Beneficial Ownership Report Guide: Requirements and Meaning

On January 1, 2024, new beneficial ownership reporting guidelines took effect as part of the Corporate Transparency Act (CTA). Going forward, many small business entities must report beneficial owners to FinCEN or risk penalties and fines. If you’re wondering, “What is a beneficial owner?” read on to learn some important features of the new Beneficial Ownership Information (BOI) reporting requirements and what the new beneficial ownership rules may mean for your small business.

What is a Beneficial Owner Report?

A Small Business Owner filing a beneficial ownership report

As the name implies, a Beneficial Ownership Information report (BOI report) generally provides details about the owner(s) and individuals who control a company.

Who are Beneficial Owners?

Under the Corporate Transparency Act (CTA), ownership includes those that own 25% or more of a company either directly or indirectly. This includes stockholders, partners, LLC members, and owners of a business that owns another business that is subject to BOI reporting.

Let’s consider an example. Abby, Bob, and Champion LLC own ABC LLC equally. Champion LLC has one member, Jeff, who owns 100% of the business.

Under the CTA, Abby and Bob are direct owners of ABC because each personally has a stake in the business greater than 25%.

Jeff is an indirect owner because he is considered to own more than 25% of ABC due to his ownership of Champion LLC.  

Under the CTA, Abby, Bob, and Jeff are each considered beneficial owners. All three must include their information in the BOI report for ABC LLC.

Who controls a business?

Now, let’s talk about what constitutes control of a company. When we say “control,” in this case, we refer to people who either influence, directly or indirectly lead, or determine business decisions and choices. Generally, this includes the top senior officers and managers within a company.

Continuing the example above, ABC LLC hires Jim to manage and control day-to-day operations. Under the CTA, he would be considered in control of the business and, thus, a beneficial owner. The BOI report should include Jim’s information.

What is the Corporate Transparency Act (CTA)?

The Corporate Transparency Act (CTA) was passed as part of the Anti-Money Laundering Act in 2021 by Congress to help law enforcement flag and respond to financial crimes. This bill mandates many businesses to file a beneficial ownership information report to the Financial Crimes Enforcement Network (FinCEN). The stated purpose of this new requirement is to prevent malicious individuals from hiding their identities through the use of shell companies.

Read our educational article to learn more about the Corporate Transparency Act.

What business entities must share beneficial ownership information?

All domestic business entities created by registering with a state will be subject to the Corporate Transparency Act (CTA). This includes corporations, LLCs, limited partnerships, and limited liability partnerships (LLPs), to name a few. Foreign businesses that make a filing with any state are also subject to the CTA.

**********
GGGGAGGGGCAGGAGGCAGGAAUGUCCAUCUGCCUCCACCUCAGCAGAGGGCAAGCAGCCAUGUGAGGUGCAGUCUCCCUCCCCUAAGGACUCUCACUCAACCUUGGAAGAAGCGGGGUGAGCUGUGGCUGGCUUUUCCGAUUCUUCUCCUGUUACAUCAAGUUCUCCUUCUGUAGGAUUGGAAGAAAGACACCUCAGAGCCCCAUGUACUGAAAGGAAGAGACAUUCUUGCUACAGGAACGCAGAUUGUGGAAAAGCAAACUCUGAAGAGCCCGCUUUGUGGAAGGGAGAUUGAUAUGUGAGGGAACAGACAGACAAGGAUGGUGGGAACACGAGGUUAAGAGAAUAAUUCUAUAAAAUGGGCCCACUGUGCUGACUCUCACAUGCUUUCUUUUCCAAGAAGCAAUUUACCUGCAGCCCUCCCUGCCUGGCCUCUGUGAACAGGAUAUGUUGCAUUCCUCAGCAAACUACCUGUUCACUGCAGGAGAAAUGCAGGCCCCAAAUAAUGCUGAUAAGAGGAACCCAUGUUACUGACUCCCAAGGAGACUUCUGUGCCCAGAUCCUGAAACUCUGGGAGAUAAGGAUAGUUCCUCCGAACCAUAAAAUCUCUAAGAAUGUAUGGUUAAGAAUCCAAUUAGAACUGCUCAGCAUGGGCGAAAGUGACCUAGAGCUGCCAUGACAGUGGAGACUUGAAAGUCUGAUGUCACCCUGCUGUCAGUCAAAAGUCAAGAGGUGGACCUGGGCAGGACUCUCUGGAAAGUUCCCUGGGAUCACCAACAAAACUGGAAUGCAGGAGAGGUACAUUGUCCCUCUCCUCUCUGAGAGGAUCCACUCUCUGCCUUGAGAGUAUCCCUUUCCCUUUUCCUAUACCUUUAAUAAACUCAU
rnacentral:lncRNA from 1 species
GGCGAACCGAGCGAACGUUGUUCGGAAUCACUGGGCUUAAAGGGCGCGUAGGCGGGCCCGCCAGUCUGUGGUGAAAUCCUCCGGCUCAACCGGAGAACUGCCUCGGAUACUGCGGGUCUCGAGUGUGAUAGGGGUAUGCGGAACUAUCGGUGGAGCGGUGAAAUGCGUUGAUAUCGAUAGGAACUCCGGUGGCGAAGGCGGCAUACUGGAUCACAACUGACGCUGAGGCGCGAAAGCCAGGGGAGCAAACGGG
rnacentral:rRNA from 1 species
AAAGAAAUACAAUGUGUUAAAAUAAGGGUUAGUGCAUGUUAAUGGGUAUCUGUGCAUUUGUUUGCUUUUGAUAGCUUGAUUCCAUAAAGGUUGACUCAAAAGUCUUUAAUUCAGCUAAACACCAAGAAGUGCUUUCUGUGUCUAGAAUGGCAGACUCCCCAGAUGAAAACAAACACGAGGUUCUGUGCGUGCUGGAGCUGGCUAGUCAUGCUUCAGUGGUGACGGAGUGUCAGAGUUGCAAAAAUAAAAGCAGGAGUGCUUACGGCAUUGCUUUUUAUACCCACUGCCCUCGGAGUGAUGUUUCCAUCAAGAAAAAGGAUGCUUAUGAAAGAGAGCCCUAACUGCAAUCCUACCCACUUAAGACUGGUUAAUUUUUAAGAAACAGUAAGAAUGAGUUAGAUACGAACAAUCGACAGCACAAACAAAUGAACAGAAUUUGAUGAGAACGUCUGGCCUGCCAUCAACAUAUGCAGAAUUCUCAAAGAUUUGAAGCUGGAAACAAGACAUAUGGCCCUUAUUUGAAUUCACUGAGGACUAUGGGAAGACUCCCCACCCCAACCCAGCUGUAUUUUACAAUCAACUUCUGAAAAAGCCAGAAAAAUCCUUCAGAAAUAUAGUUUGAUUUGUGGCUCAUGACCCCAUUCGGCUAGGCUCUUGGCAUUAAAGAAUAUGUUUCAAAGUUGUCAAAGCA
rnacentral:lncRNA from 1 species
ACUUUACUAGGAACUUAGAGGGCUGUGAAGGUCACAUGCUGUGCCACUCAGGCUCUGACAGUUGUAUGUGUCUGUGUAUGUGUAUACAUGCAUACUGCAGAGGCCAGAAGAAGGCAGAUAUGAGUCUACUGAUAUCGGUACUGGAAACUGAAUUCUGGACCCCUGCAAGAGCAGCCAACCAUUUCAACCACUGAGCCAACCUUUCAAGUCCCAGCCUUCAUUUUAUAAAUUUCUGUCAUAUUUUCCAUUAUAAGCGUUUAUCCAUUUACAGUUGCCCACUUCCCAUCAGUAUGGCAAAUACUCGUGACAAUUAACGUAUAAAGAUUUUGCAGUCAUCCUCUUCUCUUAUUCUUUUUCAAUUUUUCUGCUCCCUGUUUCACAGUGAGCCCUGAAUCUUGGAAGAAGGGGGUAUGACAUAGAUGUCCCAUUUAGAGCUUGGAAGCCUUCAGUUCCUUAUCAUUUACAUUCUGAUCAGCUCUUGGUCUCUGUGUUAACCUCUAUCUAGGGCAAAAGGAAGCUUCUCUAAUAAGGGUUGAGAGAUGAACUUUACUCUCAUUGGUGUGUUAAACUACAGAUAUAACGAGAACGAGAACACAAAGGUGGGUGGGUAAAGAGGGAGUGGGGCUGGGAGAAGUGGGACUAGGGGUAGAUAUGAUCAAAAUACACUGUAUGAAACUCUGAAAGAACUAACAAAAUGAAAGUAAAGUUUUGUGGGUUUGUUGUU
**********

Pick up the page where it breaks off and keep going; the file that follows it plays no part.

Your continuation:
Sole proprietors and general partnerships, which are businesses that are not created by registering with any state, are not subject to the CTA. In addition, there are other exemptions explained below.

FinCEN estimates that over 32 million businesses will be required to report Beneficial Ownership Information in the first year of the program.

What business entities are exempt from beneficial owner reporting?

There are two main categories of business entities that are exempt from Corporate Transparency Act (CTA) requirements.

  1. Federally regulated business entities, such as financial institutions, publicly traded companies, and insurance companies
  2. Large business entities with at least 20 full-time employees, over $5 million in gross receipts, and a substantial U.S. presence

Keep your small business compliant with the Corporate Transparency Act

File your Beneficial Ownership Information Report with Block Advisors

What information is included in the Beneficial Ownership Information (BOI) report?

Now that you know who a beneficial owner is let’s talk about what Beneficial Ownership Information (BOI) you need to share. The business is required to submit an electronic form that includes the following information:

  • A name, address, birth date, and a unique ID number for each beneficial owner
    • A unique ID number could be a driver’s license number or passport number
    • The unique ID may not be the owner’s social security number
  • A name, address, registered agent, and tax ID number for the business
  • Type of BOI filing (initial filing, correction, or update)
  • For newly created businesses, information about company applicants (more on this in the next section)